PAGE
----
Stocks not near a bubble? Hold on there Janet YellenNovember 15, 2013: 12:04 PM ET
In the Fed's mirror, a stock market bubble is appearing farther away than it may actually be.
Fortune -- At Thursday's confirmation hearing for Janet Yellen, the nominee to be the next Federal Reserve chairman was asked whether she thought there was a bubble in the stock market.
Yellen gave a pretty clear answer: No.
"Stock prices have risen pretty robustly," Yellen said. "But I think that if you look at traditional valuation measures, you would not see stock prices in territory that suggests bubble-like conditions."
Perhaps Yellen should have been even more bullish.
There are a number of ways to judge whether stocks are overvalued or undervalued. But the one most associated with the Fed -- it's nicknamed the Fed model -- is to compare the stock market's earnings yield, which is earnings/price or the inverse of the popular price-to-earnings multiple, to the interest rate on 10-year Treasuries.
The stocks in the S&P 500 (SPX) are expected to earn a collective $119.19 a share over the next year, according to FactSet. Divide that by the S&P 500's recent 1792, and you get an earnings yield, essentially how much the average stock is expected to return in income a year, of 6.8%.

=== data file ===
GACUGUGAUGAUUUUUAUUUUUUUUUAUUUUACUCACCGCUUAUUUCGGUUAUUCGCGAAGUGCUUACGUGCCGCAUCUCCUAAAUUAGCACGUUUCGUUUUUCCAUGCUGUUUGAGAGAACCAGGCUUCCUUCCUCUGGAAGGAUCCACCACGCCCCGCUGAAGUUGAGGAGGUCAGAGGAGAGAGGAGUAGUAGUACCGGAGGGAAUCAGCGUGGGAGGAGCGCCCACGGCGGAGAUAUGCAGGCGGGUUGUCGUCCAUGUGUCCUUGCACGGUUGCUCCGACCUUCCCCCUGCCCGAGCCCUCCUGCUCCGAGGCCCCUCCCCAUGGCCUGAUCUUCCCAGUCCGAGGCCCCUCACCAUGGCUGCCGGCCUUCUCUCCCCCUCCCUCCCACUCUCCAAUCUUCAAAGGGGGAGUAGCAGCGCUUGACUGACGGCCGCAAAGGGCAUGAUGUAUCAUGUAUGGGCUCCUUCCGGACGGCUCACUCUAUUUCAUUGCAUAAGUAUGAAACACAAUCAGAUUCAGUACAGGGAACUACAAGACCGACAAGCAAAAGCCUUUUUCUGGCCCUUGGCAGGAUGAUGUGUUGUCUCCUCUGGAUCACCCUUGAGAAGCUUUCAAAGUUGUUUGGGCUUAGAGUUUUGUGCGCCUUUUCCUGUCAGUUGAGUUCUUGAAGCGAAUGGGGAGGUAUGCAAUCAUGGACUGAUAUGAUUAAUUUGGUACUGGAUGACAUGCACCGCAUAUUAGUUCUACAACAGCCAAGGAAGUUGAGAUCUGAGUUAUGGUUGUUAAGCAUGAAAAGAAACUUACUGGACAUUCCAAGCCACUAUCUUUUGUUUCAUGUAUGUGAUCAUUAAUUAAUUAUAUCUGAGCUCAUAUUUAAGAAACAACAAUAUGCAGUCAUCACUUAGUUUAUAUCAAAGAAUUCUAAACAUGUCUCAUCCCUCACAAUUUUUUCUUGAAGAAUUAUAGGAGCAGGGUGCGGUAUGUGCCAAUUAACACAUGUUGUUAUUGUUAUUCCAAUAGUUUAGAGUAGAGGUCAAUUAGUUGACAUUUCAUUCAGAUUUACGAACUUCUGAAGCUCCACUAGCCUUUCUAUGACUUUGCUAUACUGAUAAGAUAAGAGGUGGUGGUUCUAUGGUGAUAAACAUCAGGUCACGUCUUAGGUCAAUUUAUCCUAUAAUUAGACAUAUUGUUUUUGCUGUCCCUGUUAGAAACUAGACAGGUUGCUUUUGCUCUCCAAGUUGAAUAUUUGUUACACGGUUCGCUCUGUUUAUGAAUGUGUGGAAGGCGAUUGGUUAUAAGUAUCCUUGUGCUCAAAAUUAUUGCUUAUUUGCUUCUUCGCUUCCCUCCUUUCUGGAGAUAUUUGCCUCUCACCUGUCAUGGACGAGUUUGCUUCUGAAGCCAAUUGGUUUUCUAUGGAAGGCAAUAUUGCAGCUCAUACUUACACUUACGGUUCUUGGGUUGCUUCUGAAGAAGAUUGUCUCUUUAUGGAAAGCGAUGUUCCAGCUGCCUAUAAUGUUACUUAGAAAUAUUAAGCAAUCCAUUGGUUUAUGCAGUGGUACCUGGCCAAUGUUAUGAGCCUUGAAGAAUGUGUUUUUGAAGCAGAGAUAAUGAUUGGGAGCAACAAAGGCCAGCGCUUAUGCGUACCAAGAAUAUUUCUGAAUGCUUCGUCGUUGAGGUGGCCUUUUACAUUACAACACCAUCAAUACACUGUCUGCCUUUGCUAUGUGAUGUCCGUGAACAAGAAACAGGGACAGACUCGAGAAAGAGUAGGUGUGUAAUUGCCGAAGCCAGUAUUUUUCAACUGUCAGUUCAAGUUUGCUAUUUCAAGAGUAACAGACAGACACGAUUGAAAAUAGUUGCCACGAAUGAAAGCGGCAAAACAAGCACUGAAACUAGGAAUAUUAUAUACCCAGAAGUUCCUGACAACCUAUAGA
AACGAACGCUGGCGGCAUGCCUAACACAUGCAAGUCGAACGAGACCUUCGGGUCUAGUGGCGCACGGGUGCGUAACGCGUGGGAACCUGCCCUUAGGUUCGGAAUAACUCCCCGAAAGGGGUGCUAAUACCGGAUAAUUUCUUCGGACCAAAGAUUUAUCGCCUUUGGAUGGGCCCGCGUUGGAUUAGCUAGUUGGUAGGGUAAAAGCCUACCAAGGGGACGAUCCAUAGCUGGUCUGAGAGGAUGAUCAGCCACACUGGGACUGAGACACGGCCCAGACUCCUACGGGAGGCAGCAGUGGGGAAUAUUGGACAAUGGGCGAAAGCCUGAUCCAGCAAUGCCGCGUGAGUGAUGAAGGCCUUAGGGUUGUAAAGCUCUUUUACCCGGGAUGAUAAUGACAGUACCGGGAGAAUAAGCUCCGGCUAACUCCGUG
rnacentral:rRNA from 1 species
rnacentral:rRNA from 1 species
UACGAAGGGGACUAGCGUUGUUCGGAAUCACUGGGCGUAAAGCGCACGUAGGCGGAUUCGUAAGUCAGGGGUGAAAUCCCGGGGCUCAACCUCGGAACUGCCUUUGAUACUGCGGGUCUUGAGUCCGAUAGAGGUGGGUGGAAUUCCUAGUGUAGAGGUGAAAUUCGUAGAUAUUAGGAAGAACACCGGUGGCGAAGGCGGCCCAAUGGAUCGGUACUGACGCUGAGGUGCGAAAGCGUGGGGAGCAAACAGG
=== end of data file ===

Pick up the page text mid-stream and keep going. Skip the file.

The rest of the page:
The idea is that if you can get the same expected return from bonds, which are generally considered lower risk, buying stocks makes little sense. As bond yield approach stock yields, sell. On the flip side, when stocks yield more than bonds, buy.
The Fed has never officially blessed the model. But Greenspan referred to it regularly, and Yellen's comments on Thursday suggest she looks at bond yields when valuing stocks as well.
The rate on 10-year government bonds is 2.7%. That means stocks are not only cheap, they're a screaming bargain.
Critics would contend that the Fed model is meaningless right now. The Fed has been artificially driving down interest rates. That's what's making stocks look cheap.
But even before QE, some strategists thought the Fed model was flawed. Stocks and U.S. government bonds have different levels of risk. So back in the 1980s a number of prominent strategists contended that what you really needed to do was compare the earnings yield of the market to the expected interest rate on AAA-rated corporate bonds. Best guess for that is 4.9%, according to Randell Moore at Blue Chip Economic Indicators, which polls economists. So by that measure stocks are still cheap, but not by nearly as much.
Back in the '80s, though, lots of U.S. companies were rated AAA. Few are today. The most common rating for U.S. corporate bonds is BBB+, one notch above junk. The expected yield on those bonds is 5.9%. Use that yield, and we're not that far away from where the Fed model starts flashing sell.
We might get there pretty soon. When the Fed slows its bond buying, which most people expect will happen by the middle of next year, interest rates on all bonds are likely to go up, not just Treasuries. And corporate bond yields don't have to move up much before stocks go from looking cheap, to rather expensive. Bubble territory is not as far away as it looks.